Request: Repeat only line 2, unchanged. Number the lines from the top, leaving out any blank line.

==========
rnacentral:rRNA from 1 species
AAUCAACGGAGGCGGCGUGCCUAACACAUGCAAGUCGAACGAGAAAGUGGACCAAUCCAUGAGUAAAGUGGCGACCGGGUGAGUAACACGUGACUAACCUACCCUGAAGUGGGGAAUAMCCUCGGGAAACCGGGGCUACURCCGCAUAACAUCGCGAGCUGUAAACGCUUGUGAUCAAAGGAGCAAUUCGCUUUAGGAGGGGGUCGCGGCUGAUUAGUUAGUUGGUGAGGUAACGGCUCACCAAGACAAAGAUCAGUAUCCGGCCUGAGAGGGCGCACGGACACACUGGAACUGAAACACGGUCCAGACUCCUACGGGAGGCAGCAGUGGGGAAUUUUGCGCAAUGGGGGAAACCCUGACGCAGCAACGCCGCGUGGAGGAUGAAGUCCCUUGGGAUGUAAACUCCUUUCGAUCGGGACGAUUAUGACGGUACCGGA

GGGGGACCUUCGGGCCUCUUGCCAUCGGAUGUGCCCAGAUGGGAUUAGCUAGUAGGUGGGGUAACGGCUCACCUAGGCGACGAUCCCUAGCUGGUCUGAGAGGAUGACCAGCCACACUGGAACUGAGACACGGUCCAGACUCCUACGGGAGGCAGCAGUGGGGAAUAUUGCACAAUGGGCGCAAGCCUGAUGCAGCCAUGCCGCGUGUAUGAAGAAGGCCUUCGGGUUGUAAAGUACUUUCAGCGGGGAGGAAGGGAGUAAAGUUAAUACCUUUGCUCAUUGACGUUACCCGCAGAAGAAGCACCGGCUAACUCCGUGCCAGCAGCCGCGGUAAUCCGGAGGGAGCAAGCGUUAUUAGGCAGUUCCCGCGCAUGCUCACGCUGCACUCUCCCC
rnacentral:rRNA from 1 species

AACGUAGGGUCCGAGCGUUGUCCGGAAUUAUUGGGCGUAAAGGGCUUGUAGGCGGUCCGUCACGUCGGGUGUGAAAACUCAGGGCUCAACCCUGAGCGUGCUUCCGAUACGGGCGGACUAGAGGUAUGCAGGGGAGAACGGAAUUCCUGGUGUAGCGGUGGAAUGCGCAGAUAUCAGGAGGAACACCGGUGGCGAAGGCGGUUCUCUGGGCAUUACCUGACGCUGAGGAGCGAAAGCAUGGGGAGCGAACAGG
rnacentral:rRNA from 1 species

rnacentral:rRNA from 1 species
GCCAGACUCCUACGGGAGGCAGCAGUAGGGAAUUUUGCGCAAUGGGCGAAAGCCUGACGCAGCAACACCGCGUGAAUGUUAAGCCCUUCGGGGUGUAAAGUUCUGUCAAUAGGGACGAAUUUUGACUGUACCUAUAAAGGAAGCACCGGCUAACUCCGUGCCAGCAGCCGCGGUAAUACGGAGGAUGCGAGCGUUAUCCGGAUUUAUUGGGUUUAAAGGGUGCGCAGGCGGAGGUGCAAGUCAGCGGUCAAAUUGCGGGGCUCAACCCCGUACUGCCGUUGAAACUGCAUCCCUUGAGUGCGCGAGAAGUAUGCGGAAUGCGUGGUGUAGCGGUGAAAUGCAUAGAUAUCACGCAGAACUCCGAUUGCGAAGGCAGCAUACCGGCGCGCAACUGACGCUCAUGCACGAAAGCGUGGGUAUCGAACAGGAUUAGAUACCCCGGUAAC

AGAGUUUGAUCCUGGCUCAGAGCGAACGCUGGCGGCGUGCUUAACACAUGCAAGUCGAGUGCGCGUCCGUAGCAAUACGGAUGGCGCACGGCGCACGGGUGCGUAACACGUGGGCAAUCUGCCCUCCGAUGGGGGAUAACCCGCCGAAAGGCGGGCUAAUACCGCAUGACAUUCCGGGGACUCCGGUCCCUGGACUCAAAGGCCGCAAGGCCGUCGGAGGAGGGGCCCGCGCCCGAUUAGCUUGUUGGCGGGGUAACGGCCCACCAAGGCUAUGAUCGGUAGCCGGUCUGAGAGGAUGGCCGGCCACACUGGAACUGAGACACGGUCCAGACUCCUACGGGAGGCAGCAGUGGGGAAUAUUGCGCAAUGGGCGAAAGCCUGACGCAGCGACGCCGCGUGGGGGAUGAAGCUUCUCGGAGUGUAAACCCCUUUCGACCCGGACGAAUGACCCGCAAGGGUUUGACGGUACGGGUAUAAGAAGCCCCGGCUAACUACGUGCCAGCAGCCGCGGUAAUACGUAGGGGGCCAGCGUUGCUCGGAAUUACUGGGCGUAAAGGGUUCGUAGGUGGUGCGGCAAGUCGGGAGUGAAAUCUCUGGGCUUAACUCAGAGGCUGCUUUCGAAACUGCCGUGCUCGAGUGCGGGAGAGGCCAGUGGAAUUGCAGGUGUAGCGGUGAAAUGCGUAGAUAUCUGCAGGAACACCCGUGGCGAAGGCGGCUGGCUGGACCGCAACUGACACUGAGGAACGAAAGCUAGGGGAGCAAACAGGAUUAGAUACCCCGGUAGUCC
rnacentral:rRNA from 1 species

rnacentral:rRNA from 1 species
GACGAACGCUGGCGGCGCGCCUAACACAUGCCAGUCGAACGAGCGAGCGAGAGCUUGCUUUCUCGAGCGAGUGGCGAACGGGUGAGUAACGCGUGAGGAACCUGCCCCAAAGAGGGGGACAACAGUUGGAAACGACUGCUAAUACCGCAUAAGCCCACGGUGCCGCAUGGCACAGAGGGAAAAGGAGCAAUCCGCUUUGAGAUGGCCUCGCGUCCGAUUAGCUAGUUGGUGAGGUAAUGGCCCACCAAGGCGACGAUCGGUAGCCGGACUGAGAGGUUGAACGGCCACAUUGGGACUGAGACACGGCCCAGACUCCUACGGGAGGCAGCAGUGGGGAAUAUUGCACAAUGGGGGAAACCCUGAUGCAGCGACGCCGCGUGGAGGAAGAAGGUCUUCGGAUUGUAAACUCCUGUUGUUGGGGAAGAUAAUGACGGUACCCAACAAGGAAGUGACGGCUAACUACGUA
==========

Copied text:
AAUCAACGGAGGCGGCGUGCCUAACACAUGCAAGUCGAACGAGAAAGUGGACCAAUCCAUGAGUAAAGUGGCGACCGGGUGAGUAACACGUGACUAACCUACCCUGAAGUGGGGAAUAMCCUCGGGAAACCGGGGCUACURCCGCAUAACAUCGCGAGCUGUAAACGCUUGUGAUCAAAGGAGCAAUUCGCUUUAGGAGGGGGUCGCGGCUGAUUAGUUAGUUGGUGAGGUAACGGCUCACCAAGACAAAGAUCAGUAUCCGGCCUGAGAGGGCGCACGGACACACUGGAACUGAAACACGGUCCAGACUCCUACGGGAGGCAGCAGUGGGGAAUUUUGCGCAAUGGGGGAAACCCUGACGCAGCAACGCCGCGUGGAGGAUGAAGUCCCUUGGGAUGUAAACUCCUUUCGAUCGGGACGAUUAUGACGGUACCGGA